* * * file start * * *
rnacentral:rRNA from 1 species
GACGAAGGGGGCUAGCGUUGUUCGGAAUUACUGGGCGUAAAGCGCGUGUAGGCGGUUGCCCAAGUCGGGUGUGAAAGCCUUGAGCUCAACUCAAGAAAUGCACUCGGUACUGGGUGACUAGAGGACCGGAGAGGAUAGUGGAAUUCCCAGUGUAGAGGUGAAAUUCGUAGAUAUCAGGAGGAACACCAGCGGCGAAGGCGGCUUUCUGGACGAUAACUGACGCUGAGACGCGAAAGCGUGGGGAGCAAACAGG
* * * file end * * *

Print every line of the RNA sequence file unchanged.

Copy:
rnacentral:rRNA from 1 species
GACGAAGGGGGCUAGCGUUGUUCGGAAUUACUGGGCGUAAAGCGCGUGUAGGCGGUUGCCCAAGUCGGGUGUGAAAGCCUUGAGCUCAACUCAAGAAAUGCACUCGGUACUGGGUGACUAGAGGACCGGAGAGGAUAGUGGAAUUCCCAGUGUAGAGGUGAAAUUCGUAGAUAUCAGGAGGAACACCAGCGGCGAAGGCGGCUUUCUGGACGAUAACUGACGCUGAGACGCGAAAGCGUGGGGAGCAAACAGG